Category Archives: Community

A Daughter, a Mother and Educator

20150510_150120I was invited to speak at the Stroller Brigade for Childcare today by the local branch of ECEBC. Below is the speech I gave at the event.

I come to you today as a daughter, a mother, an early childhood educator and a proud member of ECEBC.

As the child of two working parents I can speak first hand  at how child care was an integral family support for my family. Because of childcare both of my parents were able to return to work, provide for our family and be contributing members of the economy.

As a mother I know the struggle to find care for my children with qualified educated educators. I know the disappointment of never getting off the waiting list and having to make hard choices when options run out.

I know the sadness of handing in my resignation because I could not find or afford child care.

As an early childhood educator I have seen how getting a spot can transform a family’s life. How knowing their children are cared for by qualified educators and being able to return to work, can lift a family up.

For these reasons I personally support and endorse the $10 a day child care plan.

Early childhood educators have a specialized education and knowledge about young children. We dedicate our lives to life long learning. We know how to tie shoe laces, we know how to make an ouch feel better. We know how to tell a story with the gusto of an academy award winning actor. We know the complexities of play and understand the learning that happens there, and we know how to push that learning in new directions. We know how to provide and facilitate new learning. We know how to expand on the questions of young children.  We know how to support  families when they are low and down. We know how to give a hug when needed. We know how to say I see you. We know all these things yet many of us, dare I say most of us earn below living wages, receive no benefits and quite often don’t even get sick days. Which seems ridiculous to me as we put ourselves in rooms with 20 children with runny noses every day as our career.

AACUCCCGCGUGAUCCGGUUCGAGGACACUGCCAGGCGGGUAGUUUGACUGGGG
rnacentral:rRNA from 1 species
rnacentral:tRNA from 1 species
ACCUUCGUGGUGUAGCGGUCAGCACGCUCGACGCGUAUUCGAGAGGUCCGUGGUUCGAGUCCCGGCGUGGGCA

It is for this reason that ECEBC supports the $10 a day childcare plan.  We believe the 10$ a day childcare plan will give living wages to the dedicated educators in our field. It will retain educators in our field. It will boost our economy by allowing more people to go back to work and creating more jobs for early childhood educators. Most importantly though it will acknowledge and invest in our youngest citizens. Thank you.

Some more images from the rally

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Celine Beattie and Joanne Gordon speaking to the crowd on the issues facing young parents and early childhood education students.

 

A group of us standing up for child care
A group of us standing up for child care
Our youngest supporters
Our youngest supporters
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The men of childcare

 

If you want to learn more about the plan please go to the ECEBC website to read more.

 

 

jessie

Rituals

jessieThe following post is a guest post from Jessie Gill an Early Childhood professional who practices at Moss Rock Preschool.  Jessie has been an Early Childhood Educator since 2007. She studied at Vanier College in Montreal. She then went on to get her BA in Education and Cultural Anthropology.  She has strong image of the child, educator and Family and we were so happy to have her join our team at Moss Rock Preschool.